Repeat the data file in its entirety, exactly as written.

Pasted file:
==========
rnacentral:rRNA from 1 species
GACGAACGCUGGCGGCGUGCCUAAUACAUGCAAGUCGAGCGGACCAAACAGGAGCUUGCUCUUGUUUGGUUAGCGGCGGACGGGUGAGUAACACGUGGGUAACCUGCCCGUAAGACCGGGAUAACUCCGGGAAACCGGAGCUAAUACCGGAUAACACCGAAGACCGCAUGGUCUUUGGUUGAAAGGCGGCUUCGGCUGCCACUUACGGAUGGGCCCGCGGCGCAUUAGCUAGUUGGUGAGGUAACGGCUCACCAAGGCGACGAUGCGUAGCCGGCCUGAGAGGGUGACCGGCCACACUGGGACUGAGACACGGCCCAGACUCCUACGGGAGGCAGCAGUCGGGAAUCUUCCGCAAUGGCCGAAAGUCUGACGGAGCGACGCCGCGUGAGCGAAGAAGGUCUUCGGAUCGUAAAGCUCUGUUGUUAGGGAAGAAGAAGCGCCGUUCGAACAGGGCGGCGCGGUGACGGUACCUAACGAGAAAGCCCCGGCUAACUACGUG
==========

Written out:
rnacentral:rRNA from 1 species
GACGAACGCUGGCGGCGUGCCUAAUACAUGCAAGUCGAGCGGACCAAACAGGAGCUUGCUCUUGUUUGGUUAGCGGCGGACGGGUGAGUAACACGUGGGUAACCUGCCCGUAAGACCGGGAUAACUCCGGGAAACCGGAGCUAAUACCGGAUAACACCGAAGACCGCAUGGUCUUUGGUUGAAAGGCGGCUUCGGCUGCCACUUACGGAUGGGCCCGCGGCGCAUUAGCUAGUUGGUGAGGUAACGGCUCACCAAGGCGACGAUGCGUAGCCGGCCUGAGAGGGUGACCGGCCACACUGGGACUGAGACACGGCCCAGACUCCUACGGGAGGCAGCAGUCGGGAAUCUUCCGCAAUGGCCGAAAGUCUGACGGAGCGACGCCGCGUGAGCGAAGAAGGUCUUCGGAUCGUAAAGCUCUGUUGUUAGGGAAGAAGAAGCGCCGUUCGAACAGGGCGGCGCGGUGACGGUACCUAACGAGAAAGCCCCGGCUAACUACGUG